The Cal/OSHA Standards Board just released its latest round of proposed amendments to Cal/OSHA’s COVID-19 Emergency Temporary Standards (ETS). If adopted, the new amendments will allow all employees to forgo physical distancing at work regardless of vaccination status. And vaccinated employees will be able to take off their masks, even while indoors. The changes are expected to take effect June 28, but may be implemented sooner.

The proposed amendments represent another dramatic reversal of the workplace rules for California employees, and effectively will relax those rules beyond current Centers for Disease Control and Prevention (CDC) guidance, which still recommends that unvaccinated persons physically distance both indoors and outdoors.

The Standards Board released the new proposed amendments just two days after the board voted to withdraw other revisions to the ETS that were already pending administrative review. We blogged here and here about how the board reversed course at its June 9 meeting, voting to withdraw amendments to the ETS it had approved just days prior at its June 3 meeting.

Now, the Standards Board will consider and vote on the latest amendments on June 17 – so employers should not take any action just yet. As we have seen, the Standards Board can quickly change its positions on ETS amendments.

The same day the Standards Board released the latest proposed amendments, Governor Newsom expressed “confidence” that Cal/OSHA would align its rules with CDC guidance for vaccinated persons and California’s plan to eliminate almost all masking and social distancing requirements for vaccinated people on June 15. In a press conference, Newsom said of the Standards Board, “You know where we are going. I anticipate that their action will be consistent with the CDC, but they have to make that decision.”  Newsom also said he expects to take executive steps to speed up the 10-day period required for administrative review if the Standards Board votes to approve the proposed ETS amendments on June 17, meaning the new rules could take effect some time between June 17 and June 28.

The proposed amendments will make numerous changes to the ETS (a redline showing changes to the current, in-effect ETS is here), but the highlights include:

Physical distancing requirements will effectively be eliminated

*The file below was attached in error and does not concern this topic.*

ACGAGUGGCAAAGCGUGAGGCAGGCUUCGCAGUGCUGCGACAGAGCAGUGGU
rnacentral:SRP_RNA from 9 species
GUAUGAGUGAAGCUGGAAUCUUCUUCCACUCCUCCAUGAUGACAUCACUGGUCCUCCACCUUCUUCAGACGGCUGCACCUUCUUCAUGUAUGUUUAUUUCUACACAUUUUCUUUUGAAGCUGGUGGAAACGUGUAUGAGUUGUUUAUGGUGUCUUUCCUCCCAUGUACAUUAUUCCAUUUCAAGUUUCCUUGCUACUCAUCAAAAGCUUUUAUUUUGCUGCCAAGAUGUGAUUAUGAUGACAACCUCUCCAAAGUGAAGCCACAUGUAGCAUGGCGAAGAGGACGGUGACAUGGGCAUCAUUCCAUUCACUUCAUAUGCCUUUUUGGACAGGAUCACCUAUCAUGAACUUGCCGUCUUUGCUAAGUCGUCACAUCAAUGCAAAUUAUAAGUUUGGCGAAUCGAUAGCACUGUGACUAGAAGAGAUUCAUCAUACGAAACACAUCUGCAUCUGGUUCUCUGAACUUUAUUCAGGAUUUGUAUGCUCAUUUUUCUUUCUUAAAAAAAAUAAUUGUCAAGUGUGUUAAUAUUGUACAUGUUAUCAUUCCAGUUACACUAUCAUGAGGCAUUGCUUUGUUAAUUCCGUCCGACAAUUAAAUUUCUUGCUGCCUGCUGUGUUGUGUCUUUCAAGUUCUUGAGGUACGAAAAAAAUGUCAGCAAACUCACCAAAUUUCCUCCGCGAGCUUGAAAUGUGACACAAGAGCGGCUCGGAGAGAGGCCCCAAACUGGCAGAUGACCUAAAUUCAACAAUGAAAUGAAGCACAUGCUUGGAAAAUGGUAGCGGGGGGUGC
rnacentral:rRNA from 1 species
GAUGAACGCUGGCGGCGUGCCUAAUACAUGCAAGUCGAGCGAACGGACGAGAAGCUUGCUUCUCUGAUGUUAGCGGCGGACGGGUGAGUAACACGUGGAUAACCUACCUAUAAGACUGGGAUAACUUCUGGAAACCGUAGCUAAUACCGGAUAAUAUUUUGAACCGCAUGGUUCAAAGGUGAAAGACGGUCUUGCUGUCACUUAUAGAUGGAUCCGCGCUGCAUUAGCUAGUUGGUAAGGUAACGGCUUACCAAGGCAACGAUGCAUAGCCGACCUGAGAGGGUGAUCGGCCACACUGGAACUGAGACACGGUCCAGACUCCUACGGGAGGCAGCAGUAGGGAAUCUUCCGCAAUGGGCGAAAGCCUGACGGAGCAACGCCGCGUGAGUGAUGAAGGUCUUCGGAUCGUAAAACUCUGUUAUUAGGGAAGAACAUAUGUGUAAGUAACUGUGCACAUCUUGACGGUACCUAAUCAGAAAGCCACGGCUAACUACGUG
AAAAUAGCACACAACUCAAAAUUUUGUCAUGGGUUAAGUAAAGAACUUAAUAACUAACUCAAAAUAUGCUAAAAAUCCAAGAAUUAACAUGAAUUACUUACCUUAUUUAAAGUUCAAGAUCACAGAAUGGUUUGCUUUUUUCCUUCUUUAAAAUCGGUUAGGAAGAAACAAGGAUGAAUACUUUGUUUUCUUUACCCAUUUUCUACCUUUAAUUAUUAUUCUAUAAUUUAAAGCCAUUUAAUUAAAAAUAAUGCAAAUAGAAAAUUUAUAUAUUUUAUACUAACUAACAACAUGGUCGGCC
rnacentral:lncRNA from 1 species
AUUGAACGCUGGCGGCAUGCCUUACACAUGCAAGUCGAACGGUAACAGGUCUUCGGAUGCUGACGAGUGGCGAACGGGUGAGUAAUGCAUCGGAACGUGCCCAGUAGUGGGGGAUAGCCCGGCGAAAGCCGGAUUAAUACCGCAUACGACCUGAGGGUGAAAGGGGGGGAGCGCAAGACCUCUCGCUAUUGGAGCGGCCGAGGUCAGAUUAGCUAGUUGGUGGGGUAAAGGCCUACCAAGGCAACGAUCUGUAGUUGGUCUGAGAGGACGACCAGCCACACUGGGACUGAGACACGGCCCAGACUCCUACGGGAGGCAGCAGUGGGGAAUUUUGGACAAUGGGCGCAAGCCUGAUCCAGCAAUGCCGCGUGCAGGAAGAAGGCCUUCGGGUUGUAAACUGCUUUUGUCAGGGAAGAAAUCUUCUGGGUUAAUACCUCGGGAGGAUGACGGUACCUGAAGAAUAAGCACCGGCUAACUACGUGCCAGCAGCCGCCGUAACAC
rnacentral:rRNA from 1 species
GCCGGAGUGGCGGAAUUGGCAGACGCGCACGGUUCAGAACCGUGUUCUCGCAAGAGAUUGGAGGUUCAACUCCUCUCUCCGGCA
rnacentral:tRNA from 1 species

Employees will no longer have to socially distance at work, even if they are not fully vaccinated. The only times physical distancing will be requires are as follows:

  • If the employee cannot wear face coverings due to a medical or mental health condition or disability, or if the employee is hearing-impaired or communicating with a hearing-impaired person, and also is not wearing an effective non-restrictive alternative, such as a face shield with a drape on the bottom, and is not fully vaccinated or is not tested at least weekly for COVID-19.
  • If the employee cannot wear face coverings because the employee is performing specific tasks which cannot feasibly be performed with a face covering on, and also is not wearing an effective non-restrictive alternative, such as a face shield with a drape on the bottom, and is not fully vaccinated or is not tested at least weekly for COVID-19.
  • Following an outbreak of three or more cases in an exposed group, employers must evaluate whether to implement physical distancing of at least six feet between persons or, where six feet of physical distancing is not feasible, to use cleanable solid partitions of sufficient size to reduce COVID-19 transmission.
    • Employers also must investigate outbreaks and implement changes to reduce the transmission of COVID-19 based on the investigation, including “considering” increasing physical distancing as much as feasible.
  • Following a “major outbreak” of 20 or more cases, employers must, among other things, ensure that any employees in the exposed group who are not wearing respirators required by the employer are separated from other persons by at least six feet, except where an employer can demonstrate that six feet of separation is not feasible, and except for momentary exposure while persons are in movement.